Just how pervasive is the black economy in the restaurant sector? And what can be done about it? By Zoe Meunier
A cash-dependent black economy has been casting a shadow over the restaurant industry for decades. While this is no secret to the majority of those who work in the sector, at last a united effort is underway to counter these insidious practices and create a more level playing field for all.
Restaurant and Catering Australia (R&CA) has been leading the charge to stamp out the black economy, working closely with the federal government’s Black Economy Taskforce to ensure a whole-of-government approach is taken to remedy the situation.
“We don’t condone any behaviours associated with the black economy and frequently advise our members to ensure they are compliant with the relevant legal and taxation frameworks,” says James Coward, PR and policy officer at R&CA. “At the same time, we’re strongly advising the federal government of the best ways to minimise the behaviours in the black economy and to ensure that compliance is as simple as possible.”
While widespread throughout the restaurant sector, the black economy—which encompasses both people operating entirely outside the tax and regulatory system and those who are known to the authorities but do not correctly report their tax obligations—is notoriously hard to detect.
“The government has made estimates of how prevalent they think the black economy is, but because this behaviour is very difficult to monitor it’s hard to approximate how often it’s occurring and whether it’s getting better or worse over time,” says Coward.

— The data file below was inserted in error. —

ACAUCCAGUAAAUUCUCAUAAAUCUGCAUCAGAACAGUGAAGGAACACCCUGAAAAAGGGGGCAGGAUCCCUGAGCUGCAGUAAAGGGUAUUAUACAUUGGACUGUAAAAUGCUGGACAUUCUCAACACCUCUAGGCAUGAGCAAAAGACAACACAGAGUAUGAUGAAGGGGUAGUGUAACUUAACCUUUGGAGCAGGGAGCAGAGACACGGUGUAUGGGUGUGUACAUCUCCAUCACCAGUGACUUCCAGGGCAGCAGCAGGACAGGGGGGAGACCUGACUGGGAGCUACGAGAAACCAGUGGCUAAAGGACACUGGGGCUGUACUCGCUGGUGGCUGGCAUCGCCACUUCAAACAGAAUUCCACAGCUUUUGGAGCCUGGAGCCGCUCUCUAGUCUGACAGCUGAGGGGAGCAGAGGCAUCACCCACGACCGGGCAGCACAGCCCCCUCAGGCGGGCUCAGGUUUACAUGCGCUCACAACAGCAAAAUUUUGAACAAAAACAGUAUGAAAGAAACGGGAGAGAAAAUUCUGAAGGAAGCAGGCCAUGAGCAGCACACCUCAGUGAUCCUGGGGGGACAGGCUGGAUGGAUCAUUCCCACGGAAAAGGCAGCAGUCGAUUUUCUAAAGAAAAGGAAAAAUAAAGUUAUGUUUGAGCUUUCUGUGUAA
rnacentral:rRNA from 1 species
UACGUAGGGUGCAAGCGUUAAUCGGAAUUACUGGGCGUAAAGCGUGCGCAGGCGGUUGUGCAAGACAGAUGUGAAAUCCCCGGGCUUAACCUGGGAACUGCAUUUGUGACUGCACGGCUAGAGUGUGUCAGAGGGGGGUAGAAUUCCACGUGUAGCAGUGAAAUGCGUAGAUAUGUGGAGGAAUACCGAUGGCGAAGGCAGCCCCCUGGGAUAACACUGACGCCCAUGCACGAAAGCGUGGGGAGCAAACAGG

Unfair playing field
The black economy can be detrimental to the industry in a number of ways, but mostly—as evidenced by a survey conducted by R&CA, because it creates an unfair playing field between those who are doing the right thing and those who are operating outside of the correct legal and taxation framework.
“One of our members identified in our survey that they were having difficulty attracting staff because of their reputation of being strictly non-cash payments only, which we find very concerning,” says Coward. “That was based on an awareness within the community that there were other businesses in close proximity that were paying cash wages.”